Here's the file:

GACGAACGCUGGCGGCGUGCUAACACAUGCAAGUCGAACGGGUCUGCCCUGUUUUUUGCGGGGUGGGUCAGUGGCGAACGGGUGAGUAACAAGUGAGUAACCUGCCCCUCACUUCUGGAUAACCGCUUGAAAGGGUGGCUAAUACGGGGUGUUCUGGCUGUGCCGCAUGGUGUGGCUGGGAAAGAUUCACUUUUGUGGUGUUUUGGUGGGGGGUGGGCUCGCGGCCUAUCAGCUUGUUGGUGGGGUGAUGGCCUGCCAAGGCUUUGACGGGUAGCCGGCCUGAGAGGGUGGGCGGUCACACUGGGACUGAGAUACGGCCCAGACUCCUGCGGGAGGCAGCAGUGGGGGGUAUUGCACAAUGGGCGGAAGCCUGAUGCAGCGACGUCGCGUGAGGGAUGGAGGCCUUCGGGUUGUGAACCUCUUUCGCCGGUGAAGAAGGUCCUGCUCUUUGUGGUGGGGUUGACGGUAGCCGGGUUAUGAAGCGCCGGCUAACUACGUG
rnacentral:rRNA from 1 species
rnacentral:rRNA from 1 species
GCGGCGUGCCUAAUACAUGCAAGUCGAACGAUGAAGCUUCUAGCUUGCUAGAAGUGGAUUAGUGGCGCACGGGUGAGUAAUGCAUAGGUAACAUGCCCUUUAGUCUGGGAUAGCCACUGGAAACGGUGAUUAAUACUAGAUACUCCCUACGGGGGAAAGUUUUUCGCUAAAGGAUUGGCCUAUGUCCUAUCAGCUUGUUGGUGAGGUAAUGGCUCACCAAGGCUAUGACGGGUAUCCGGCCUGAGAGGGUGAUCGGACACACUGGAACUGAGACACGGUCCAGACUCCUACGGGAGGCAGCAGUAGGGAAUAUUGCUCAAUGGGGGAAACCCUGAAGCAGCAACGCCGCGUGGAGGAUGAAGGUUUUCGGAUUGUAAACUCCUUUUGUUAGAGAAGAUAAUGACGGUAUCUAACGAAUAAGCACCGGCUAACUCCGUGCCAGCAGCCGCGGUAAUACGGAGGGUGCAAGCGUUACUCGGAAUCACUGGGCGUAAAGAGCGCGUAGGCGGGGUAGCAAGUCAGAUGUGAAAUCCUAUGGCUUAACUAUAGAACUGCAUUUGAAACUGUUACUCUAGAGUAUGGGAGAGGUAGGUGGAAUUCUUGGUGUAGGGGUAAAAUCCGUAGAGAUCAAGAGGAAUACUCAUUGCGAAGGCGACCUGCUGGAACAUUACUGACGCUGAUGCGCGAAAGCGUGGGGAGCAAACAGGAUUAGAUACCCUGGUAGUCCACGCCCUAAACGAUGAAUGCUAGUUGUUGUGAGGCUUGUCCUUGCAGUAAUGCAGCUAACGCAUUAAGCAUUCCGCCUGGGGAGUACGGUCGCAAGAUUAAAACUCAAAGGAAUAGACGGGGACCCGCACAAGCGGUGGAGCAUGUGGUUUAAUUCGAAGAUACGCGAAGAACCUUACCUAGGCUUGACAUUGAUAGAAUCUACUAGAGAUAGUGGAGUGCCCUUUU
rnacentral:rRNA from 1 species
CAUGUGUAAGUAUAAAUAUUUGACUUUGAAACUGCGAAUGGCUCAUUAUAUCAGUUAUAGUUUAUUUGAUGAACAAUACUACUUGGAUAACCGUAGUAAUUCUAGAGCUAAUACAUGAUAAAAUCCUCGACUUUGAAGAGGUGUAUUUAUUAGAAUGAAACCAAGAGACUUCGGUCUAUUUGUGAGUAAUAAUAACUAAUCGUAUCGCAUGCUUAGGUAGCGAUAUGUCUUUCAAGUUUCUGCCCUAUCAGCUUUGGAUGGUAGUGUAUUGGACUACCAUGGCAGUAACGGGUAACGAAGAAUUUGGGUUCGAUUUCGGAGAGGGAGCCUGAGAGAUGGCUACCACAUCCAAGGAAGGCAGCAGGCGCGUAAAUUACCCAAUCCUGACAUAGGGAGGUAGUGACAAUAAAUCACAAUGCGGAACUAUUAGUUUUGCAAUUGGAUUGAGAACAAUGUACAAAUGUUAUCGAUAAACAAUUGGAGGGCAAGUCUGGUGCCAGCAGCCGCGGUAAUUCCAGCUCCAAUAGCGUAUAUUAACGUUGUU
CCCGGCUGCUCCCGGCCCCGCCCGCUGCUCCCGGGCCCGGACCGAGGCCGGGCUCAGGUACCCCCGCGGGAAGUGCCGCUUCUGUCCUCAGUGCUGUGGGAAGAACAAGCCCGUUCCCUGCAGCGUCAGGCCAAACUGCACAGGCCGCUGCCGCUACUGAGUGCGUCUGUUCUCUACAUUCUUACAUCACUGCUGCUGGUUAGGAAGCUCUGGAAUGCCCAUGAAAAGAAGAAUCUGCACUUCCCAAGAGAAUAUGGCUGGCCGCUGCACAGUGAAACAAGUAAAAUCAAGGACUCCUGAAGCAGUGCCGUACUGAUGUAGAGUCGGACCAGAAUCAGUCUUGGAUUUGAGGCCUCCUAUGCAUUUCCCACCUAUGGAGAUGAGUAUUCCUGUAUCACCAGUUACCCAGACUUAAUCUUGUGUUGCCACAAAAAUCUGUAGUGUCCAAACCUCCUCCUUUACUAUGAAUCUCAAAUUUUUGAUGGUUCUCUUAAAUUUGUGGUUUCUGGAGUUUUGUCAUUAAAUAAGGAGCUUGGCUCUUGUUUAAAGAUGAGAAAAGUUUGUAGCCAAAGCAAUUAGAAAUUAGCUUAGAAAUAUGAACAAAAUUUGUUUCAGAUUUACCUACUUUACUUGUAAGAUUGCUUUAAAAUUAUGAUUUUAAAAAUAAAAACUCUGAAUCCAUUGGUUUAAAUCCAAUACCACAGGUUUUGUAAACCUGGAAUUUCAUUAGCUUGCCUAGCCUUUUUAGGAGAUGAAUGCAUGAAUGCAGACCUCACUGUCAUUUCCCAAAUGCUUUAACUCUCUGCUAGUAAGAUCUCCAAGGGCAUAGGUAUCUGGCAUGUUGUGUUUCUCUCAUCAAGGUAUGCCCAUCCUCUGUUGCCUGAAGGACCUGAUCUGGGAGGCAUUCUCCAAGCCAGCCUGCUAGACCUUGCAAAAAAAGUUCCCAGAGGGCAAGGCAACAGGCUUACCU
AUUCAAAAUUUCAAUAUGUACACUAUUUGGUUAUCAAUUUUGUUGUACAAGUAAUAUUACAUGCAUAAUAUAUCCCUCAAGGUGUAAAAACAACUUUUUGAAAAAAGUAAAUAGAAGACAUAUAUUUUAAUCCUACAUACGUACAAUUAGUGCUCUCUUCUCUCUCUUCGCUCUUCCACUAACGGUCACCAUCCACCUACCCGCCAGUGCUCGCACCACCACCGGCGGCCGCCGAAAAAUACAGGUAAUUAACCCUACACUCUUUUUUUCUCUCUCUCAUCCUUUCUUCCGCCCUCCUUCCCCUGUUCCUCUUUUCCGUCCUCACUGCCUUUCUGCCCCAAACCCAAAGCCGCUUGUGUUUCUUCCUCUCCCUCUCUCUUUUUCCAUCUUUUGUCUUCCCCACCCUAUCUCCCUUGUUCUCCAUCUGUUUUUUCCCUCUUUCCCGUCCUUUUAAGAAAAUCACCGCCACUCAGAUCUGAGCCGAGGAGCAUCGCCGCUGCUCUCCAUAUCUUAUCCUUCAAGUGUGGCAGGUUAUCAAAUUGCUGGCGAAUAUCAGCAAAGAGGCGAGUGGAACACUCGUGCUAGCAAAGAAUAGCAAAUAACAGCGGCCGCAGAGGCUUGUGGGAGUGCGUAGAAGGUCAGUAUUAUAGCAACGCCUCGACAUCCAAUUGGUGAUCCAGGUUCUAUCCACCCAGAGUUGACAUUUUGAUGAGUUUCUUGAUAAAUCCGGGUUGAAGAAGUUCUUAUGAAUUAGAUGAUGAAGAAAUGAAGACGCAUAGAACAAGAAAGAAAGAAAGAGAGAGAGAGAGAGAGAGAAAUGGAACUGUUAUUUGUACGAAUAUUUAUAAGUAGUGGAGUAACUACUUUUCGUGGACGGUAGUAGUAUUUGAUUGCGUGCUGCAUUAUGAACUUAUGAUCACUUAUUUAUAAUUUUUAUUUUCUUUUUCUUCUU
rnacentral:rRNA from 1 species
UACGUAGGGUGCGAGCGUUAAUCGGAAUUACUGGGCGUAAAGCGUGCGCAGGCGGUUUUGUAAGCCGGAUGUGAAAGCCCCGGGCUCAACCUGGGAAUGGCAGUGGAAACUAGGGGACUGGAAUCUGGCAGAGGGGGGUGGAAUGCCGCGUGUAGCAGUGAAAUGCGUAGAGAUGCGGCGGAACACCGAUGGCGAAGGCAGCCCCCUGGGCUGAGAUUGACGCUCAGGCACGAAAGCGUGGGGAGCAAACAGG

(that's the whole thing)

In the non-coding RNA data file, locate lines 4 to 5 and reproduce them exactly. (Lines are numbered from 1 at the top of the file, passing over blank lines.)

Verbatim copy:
GCGGCGUGCCUAAUACAUGCAAGUCGAACGAUGAAGCUUCUAGCUUGCUAGAAGUGGAUUAGUGGCGCACGGGUGAGUAAUGCAUAGGUAACAUGCCCUUUAGUCUGGGAUAGCCACUGGAAACGGUGAUUAAUACUAGAUACUCCCUACGGGGGAAAGUUUUUCGCUAAAGGAUUGGCCUAUGUCCUAUCAGCUUGUUGGUGAGGUAAUGGCUCACCAAGGCUAUGACGGGUAUCCGGCCUGAGAGGGUGAUCGGACACACUGGAACUGAGACACGGUCCAGACUCCUACGGGAGGCAGCAGUAGGGAAUAUUGCUCAAUGGGGGAAACCCUGAAGCAGCAACGCCGCGUGGAGGAUGAAGGUUUUCGGAUUGUAAACUCCUUUUGUUAGAGAAGAUAAUGACGGUAUCUAACGAAUAAGCACCGGCUAACUCCGUGCCAGCAGCCGCGGUAAUACGGAGGGUGCAAGCGUUACUCGGAAUCACUGGGCGUAAAGAGCGCGUAGGCGGGGUAGCAAGUCAGAUGUGAAAUCCUAUGGCUUAACUAUAGAACUGCAUUUGAAACUGUUACUCUAGAGUAUGGGAGAGGUAGGUGGAAUUCUUGGUGUAGGGGUAAAAUCCGUAGAGAUCAAGAGGAAUACUCAUUGCGAAGGCGACCUGCUGGAACAUUACUGACGCUGAUGCGCGAAAGCGUGGGGAGCAAACAGGAUUAGAUACCCUGGUAGUCCACGCCCUAAACGAUGAAUGCUAGUUGUUGUGAGGCUUGUCCUUGCAGUAAUGCAGCUAACGCAUUAAGCAUUCCGCCUGGGGAGUACGGUCGCAAGAUUAAAACUCAAAGGAAUAGACGGGGACCCGCACAAGCGGUGGAGCAUGUGGUUUAAUUCGAAGAUACGCGAAGAACCUUACCUAGGCUUGACAUUGAUAGAAUCUACUAGAGAUAGUGGAGUGCCCUUUU
rnacentral:rRNA from 1 species